When cooking instructors at the newly revamped Bed Bath & Beyond in Mount Pleasant press the saute button on an Instant Pot, they won’t just be showing customers how to make better chili. They’ll be fighting off a crisis for the home goods company, which is slated to close 40 stores this year.
Since 2015, shares of Bed Bath & Beyond have tumbled from approximately $80 to $10. Investors have called for an overhaul of the board directing the chain, which was founded in New Jersey almost half a century ago. On the front lines, the retailer is experimenting with what it calls a “Next Generation” initiative, emphasizing equipment demos and a teaching kitchen featuring Bed Bath & Beyond products.
CEO Steve Temares recently told trade publication Retail Info System News that sales in Next Generation lab stores are 2.2 percent higher than sales in traditional Bed Bath & Beyond stores.
Although company spokeswoman Leah Drill refused to reveal how many stores are being remodeled in accordance with the plan, Retail Info System News reported that 21 of the company’s 994 stores were upgraded in 2018. Another 15 stores will receive the Next Generation treatment in 2019, including the store in Mount Pleasant Towne Center.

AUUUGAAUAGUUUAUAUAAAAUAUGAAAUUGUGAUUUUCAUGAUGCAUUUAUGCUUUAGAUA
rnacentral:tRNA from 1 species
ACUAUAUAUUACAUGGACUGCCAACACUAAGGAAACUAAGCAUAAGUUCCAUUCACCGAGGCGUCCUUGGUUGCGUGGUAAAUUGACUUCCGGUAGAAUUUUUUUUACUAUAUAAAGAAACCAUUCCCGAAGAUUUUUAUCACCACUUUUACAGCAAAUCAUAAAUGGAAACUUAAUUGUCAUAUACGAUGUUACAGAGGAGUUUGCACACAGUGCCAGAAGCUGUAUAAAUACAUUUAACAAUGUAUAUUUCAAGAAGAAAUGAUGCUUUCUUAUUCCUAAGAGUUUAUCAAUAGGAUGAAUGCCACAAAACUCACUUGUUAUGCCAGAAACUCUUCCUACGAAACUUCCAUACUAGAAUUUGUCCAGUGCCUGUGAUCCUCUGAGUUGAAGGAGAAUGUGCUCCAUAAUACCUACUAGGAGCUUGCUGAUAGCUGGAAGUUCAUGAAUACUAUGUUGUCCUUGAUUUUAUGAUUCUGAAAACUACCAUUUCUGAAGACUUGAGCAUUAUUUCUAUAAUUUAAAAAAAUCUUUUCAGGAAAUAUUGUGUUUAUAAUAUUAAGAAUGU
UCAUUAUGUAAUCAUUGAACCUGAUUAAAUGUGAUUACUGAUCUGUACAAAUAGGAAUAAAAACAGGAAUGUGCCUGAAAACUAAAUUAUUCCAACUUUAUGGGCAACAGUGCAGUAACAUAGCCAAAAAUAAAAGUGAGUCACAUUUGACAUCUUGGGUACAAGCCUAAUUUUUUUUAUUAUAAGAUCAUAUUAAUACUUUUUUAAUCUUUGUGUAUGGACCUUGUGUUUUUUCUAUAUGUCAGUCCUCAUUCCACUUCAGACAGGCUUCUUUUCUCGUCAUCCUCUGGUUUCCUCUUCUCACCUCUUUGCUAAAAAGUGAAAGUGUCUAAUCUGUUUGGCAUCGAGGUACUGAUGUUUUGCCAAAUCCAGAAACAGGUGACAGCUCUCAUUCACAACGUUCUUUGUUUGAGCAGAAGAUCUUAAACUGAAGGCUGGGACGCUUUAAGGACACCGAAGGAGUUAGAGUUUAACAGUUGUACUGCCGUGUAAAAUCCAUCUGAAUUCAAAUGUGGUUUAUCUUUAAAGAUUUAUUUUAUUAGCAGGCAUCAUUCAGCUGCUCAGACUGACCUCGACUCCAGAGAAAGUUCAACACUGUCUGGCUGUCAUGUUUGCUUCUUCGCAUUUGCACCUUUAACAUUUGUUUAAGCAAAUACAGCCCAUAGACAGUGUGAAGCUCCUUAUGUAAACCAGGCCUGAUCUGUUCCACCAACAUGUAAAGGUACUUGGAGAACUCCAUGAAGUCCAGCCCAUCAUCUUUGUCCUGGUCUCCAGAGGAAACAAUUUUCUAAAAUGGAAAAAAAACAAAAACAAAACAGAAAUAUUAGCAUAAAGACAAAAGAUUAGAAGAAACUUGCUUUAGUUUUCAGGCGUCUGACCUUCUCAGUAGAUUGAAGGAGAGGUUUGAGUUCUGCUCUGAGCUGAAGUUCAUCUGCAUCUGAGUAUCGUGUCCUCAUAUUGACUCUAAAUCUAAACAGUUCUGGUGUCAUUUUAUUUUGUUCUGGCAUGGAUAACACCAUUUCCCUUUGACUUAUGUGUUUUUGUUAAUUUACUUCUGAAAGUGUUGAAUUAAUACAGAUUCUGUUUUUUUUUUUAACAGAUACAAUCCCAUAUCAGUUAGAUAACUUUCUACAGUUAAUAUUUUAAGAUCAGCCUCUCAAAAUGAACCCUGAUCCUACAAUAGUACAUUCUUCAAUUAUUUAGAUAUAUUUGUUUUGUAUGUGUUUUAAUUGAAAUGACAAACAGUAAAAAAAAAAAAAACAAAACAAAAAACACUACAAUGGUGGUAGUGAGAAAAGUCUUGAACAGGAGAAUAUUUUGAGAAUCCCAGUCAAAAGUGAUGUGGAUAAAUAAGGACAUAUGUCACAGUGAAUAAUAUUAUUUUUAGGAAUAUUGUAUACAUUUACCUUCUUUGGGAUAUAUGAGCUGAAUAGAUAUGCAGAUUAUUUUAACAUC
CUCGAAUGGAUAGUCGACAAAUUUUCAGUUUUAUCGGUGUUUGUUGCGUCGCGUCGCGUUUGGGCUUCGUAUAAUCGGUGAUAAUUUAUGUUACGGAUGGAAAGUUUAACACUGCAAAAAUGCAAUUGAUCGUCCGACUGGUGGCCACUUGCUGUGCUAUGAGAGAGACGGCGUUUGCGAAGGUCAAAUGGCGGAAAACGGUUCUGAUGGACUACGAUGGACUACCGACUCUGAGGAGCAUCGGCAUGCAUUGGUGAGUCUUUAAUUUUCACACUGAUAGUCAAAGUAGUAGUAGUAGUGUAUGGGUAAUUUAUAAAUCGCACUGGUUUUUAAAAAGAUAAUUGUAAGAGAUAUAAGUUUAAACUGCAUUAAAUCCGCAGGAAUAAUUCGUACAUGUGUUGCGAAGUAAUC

“We will be offering many different types of events, both food-focused, such as how to use an Instant Pot, cooking demos and samplings, and lifestyle-focused, such as tips for campus living,” Drill says.
While the classes at Bed Bath & Beyond are designed to drive sales, they're likely to help fill a local cooking class void created by the closures of Charleston Cooks and Southern Season, also located in Mount Pleasant.
According to Drill, the overhaul should be completed by the end of May.